1. We do have the Bible, and it does have meaning, which, if believed and embraced, leads us into obedience and fullness of life (Mt 7:24-27; Jn 2:30f).

2. We do have a Constitution, and it does have meaning that binds us because all ordained officers have agreed to let it order their lives and our covenant community. Its words have been chosen with care, debated thoroughly, and adopted by the whole Church. They accurately describe and promote godliness in obedience to Jesus Christ under the authority of Scripture  (G-2.0104b, W-4:9001, BOC 9.47).

3. We do have a Church with distinguishing “marks” that render it “true.” In addition to the “true preaching of the Word of God, … [and] the right administration of the sacraments,” all church officers have placed themselves under “ecclesiastical discipline uprightly ministered” (Scots Confession, Book of Confessions, 3.18). In order for church discipline to have any meaning or influence, we must actually exercise it in a particular case. This is one such case in which the Church must be brought back to order in the true spirit of the Reformation (F-1.0303).

We do every Presbyterian—including individual candidates—a favor, and the Church will be blessed as promised in the eighth Historic Principle of Church Order (F-3.0108), if we would have the courage to apply “the vigor and strictness of the church’s discipline” and call the SPJC’s ruling an error and reverse our course in ordination. It’s too late in the case of Twin Cities Area, but not too late in San Francisco. We still have a chance to get this right.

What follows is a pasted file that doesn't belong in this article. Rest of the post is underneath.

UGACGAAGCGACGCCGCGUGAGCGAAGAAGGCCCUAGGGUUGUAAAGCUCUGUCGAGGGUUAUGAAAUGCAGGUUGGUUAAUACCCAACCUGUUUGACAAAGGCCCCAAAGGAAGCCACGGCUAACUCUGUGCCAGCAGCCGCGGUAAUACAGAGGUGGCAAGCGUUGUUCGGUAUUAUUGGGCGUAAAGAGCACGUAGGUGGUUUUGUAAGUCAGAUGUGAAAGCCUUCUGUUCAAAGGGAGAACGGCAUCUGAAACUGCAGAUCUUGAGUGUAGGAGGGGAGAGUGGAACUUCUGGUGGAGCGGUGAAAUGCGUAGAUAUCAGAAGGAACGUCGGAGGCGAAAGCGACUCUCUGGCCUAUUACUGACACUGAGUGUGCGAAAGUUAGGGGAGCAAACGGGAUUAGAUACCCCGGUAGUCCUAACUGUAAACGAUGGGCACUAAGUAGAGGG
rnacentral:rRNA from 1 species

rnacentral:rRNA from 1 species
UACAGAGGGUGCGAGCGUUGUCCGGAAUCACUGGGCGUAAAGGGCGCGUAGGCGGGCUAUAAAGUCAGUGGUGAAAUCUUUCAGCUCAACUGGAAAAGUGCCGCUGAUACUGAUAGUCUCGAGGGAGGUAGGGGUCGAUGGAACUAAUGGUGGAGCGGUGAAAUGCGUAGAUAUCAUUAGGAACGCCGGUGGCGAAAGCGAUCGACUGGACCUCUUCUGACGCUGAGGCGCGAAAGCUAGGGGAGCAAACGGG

2 Responses to “All Analogies Aside”

  1. L. Lee Says:

    Thank you again Mary for standing firm in encouraging PC(USA) to move toward God’s will as dictated by Scripture so that the Church can receive more of the work of the Holy Spirit to transform it. When the judges fail us and everyone does what is right in their own eyes, then the blessing of God is diminished for the whole. Scripture bears this out.

    But I want to also advocate for seeking God for an out pouring of the Holy Spirit. Too often we lift up the “letter” of the law and forget that transformation comes by the Holy Spirit. That is what is missing in the church and we must ask the questions how can we as leaders foster and encourage the work of the Holy Spirit in those we minister to. 2 Corinthians 3 speaks to this:
    6 He has made us competent as ministers of a new covenant – not of the letter but of the Spirit; for the letter kills, but the Spirit gives life……9 If the ministry that condemns men is glorious, how much more glorious is the ministry that brings righteousness!….”
    When judges do not see the law that condemns as glorious and they stop at condemnation, they fail to lead us to the transformation that the Holy Spirit can bring to those who repent. They remove that glorious part that lets us know how little we are to make changes toward righteousness and leave us in our sin because we are not led to Christ as our source of change.

  2. TPT Says:

    Mary, it’s too late. That’s why I’ve left. We’ve witnessed a slow moving coup. The new regime will drift farther and farther from the reformed tradition towards some kind of Unitarian congregationalism as they consolidate their power. The rest of us face of choice of going along to get along, or leaving.